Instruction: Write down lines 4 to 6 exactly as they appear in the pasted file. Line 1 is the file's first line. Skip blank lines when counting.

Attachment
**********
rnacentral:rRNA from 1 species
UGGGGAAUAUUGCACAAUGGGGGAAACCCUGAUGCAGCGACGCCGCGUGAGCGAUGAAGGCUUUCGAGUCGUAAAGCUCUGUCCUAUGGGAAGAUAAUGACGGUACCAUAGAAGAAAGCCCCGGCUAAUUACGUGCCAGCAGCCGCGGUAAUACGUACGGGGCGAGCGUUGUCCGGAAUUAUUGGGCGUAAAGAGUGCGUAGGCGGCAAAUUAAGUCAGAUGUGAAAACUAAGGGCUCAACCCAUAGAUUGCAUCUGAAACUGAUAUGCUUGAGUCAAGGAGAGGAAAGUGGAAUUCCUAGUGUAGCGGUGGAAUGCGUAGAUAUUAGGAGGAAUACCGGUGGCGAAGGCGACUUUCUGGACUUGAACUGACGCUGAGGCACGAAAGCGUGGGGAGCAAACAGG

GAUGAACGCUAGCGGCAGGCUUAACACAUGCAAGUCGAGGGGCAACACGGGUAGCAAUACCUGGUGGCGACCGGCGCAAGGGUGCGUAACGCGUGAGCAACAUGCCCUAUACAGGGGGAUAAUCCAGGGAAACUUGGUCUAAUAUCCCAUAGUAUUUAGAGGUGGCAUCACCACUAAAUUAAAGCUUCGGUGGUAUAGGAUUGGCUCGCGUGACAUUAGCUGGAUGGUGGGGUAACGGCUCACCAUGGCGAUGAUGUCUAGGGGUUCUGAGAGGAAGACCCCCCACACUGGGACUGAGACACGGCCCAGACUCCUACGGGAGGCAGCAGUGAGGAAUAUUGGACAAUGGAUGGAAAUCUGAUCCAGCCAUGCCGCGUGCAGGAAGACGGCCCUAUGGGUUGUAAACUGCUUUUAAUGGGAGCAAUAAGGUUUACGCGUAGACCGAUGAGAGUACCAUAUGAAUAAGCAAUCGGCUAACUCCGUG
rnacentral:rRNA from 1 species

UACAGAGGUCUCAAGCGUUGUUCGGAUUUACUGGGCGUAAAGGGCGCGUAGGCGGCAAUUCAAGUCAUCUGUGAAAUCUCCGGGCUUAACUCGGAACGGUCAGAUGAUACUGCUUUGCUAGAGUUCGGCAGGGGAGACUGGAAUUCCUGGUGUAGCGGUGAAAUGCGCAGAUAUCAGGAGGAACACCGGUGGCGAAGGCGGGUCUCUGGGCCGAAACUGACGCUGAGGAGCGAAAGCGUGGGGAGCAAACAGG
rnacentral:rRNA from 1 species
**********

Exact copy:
rnacentral:rRNA from 1 species

UACAGAGGUCUCAAGCGUUGUUCGGAUUUACUGGGCGUAAAGGGCGCGUAGGCGGCAAUUCAAGUCAUCUGUGAAAUCUCCGGGCUUAACUCGGAACGGUCAGAUGAUACUGCUUUGCUAGAGUUCGGCAGGGGAGACUGGAAUUCCUGGUGUAGCGGUGAAAUGCGCAGAUAUCAGGAGGAACACCGGUGGCGAAGGCGGGUCUCUGGGCCGAAACUGACGCUGAGGAGCGAAAGCGUGGGGAGCAAACAGG
rnacentral:rRNA from 1 species